The world is not an easy place for people who are uncomfortable in social settings. For kids, especially, the pressure to fit in, socialize, and interact with groups can be overwhelming. And often, those kids who have the most trouble traversing the social jungle of school turn out to be reclusive adults who avoid others as often as they can and convince themselves that they just can’t interact with other people.

Often enough, however, those same kids just need to feel unjudged. Or to learn the unwritten rules of social behavior; the silent cues and intonations of voice that most people learn as they communicate with others. For some it is the brain’s basic wiring that is in need of a little TLC. For others it helps immensely to be in a safe environment to practice the social skills they need to help them navigate life among social beings.

Social Village is that safe place. Opening in September, Social Village is an offshoot of the Princeton Speech-Language Learning Center, where adults and children with speech, language, learning, social, and communication difficulties learn to overcome their issues in a non-judgmental, nurturing environment. Social skills groups are also offered at PSLLC. These skills can then be practiced in a naturalistic environment at the Social Village.

Social Village will cater to children and young adults from 8 to 23 years of age who are high-functioning but aware that they are “quirky” compared to most people they know. The Village welcomes those with ADHD, non-verbal learning disabilities, Asperger’s, or high-functioning autism, as well as those just struggling with social anxiety or who “just can’t find their niche,” says executive director Terri Rossman, who has operated PSLLC for 25 years.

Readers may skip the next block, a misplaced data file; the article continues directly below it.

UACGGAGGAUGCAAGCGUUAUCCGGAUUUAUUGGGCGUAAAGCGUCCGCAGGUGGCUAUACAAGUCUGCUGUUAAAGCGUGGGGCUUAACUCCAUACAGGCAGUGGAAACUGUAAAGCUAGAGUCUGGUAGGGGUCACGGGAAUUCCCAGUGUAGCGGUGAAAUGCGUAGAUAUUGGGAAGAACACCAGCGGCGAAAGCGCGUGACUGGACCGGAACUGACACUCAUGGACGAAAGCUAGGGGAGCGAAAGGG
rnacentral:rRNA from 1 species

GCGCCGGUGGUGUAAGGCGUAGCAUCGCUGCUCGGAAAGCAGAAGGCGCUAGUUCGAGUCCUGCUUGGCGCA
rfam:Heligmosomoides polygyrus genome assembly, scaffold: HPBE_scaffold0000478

Social Village does not get hung up on diagnoses, but rather seeks to find the strengths and interests of its visitors. And there is much to pique the interest. Kids get to take part in art and woodworking, robotics, game clubs, cooking, science groups, Star Wars and Star Trek clubs (because the distinction is definitely important), book clubs, debate teams, and more. Kids also get to just hang with oth-er kids like themselves and practice their social interaction skills without pressure and without judgment.

Social Village also is for the parents. Often, parents build their social lives around their children’s activities. But when a child has difficulty interacting with others, otherwise social parents (or non-social parents) can get isolated in a hurry. Giving a place where their kids can feel comfortable goes a long way toward helping parents make new friends.

Social Village is not therapy, but rather more like a social club that happens to have therapeutic side effects, at very low and reasonable fees. “We encourage people to come to our social skills groups,” says Rossman. “Not instead of therapy, but in addition to therapy, for some.”

PSLLC will host an open house for Social Village on Sunday, September 21, from 1 to 5 p.m. All are welcome. Especially those who might be a little nervous.

Social Village, 19 Wall Street, Princeton. 609-924-7080.

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